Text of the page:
Spouse to stand up to man’s par­ents for years of bul­ly­ing

Honolulu Star-Advertiser - - DETOURS - ——— Carolyn Hax is a colum­nist with the Washington Post. Write to her in care of Washington Post, Style Plus, 1150 15th St. NW, Washington, D.C., 20071, or email her at tellme@wash­post.com.

Dear Carolyn: I have been mar­ried for over 30 years and through­out the mar­riage, my in-laws have made fun of my in­ter­ests and cer­tain traits of my per­son­al­ity un­der the guise of teas­ing. I have never spo­ken up and de­fended my­self against these com­ments and nei­ther has my hus­band. Only re­cently, I have been able to bet­ter ar­tic­u­late to my hus­band how much these com­ments bother me (slow learner).

My hus­band and I dis­agree on who should speak to his fam­ily about this. I have asked him to talk to them be­cause I sense my in­laws will bet­ter ac­cept this dis­cus­sion from my hus­band, and be­cause it is my hus­band’s re­spon­si­bil­ity to pro­tect me from this crit­i­cism.

My hus­band be­lieves these are my hurt feel­ings and I should speak for my­self. — Hav­ing My Back

Dear Hav­ing My Back: I am long on the record that each spouse serves as mar­i­tal spokesper­son with their own par­ents. Send­ing a spouse in­stead to do the talk­ing with in-laws usu­ally just means the sender is dodg­ing the folks.

But: This case is a lit­tle dif­fer­ent, be­cause I don’t think the Big Talk With the Par­ents is what will serve you best right now. Your in-laws have bul­lied you for years. While it would

be right and de­cent of your hus­band to stand up (and have stood up) for you — which I’ll talk about more in a mo­ment — the voice with the most po­ten­tial im­pact here is your own. There’s noth­ing more pow­er­ful than when the tar­get of the bul­ly­ing stands up and says, no. No more, not funny. I will not put up with this treat­ment again.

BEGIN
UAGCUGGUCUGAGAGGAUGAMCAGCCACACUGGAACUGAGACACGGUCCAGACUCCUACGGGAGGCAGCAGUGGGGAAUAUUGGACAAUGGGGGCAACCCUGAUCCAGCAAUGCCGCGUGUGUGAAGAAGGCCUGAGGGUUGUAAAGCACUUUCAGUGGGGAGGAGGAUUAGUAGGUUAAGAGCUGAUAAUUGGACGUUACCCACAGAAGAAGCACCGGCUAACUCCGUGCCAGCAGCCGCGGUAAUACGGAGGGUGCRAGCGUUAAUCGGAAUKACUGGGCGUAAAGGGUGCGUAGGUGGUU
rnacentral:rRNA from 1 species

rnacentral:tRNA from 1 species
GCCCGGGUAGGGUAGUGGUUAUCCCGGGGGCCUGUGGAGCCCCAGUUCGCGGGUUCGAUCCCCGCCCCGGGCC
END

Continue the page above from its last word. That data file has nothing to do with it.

So here’s the divi­sion of jus­tice-la­bor I rec­om­mend: 1) Wait till your in-laws pull their usual teas­ing shtick. 2) Tell them you’ve had enough. You say you now can “bet­ter ar­tic­u­late” what’s wrong with their teas­ing, so do it. 3) See how they re­spond. 4a) If you get through to them and they

back down, thank them and cau­tiously treat this as the be­gin­ning of a beau­ti­ful, or at least not a one-sided mock­ery of, friend­ship. 4b) If they push back, then their son, your hus­band, needs to step in to tell them how un­ac­cept­able their be­hav­ior is now and has been for years. Not be­cause he’s their son, and not be­cause you’re his wife, but be­cause when by­standers side de­ci­sively with the vic­tims, that’s when a bully is done.

Which brings us to the fact that your hus­band is, in ret­ro­spect and armed with

this new in­for­ma­tion on how you in­ter­pret your in-laws’ crit­i­cism, per­fectly fine with his role as dis­en­gaged by­s­tander.

Re­ally? You’re fi­nally able to put words to your decades of dis­com­fort, and he’s got noth­ing for you? He chose you, and his par­ents have ridiculed that choice for decades.

I could eas­ily make a case that it’s in his own self-in­ter­est to stand up to his par­ents on that — es­pe­cially if they’ve “teased” him, too, into this cur­rent sub­mis­sion.

CAROLYN HAX

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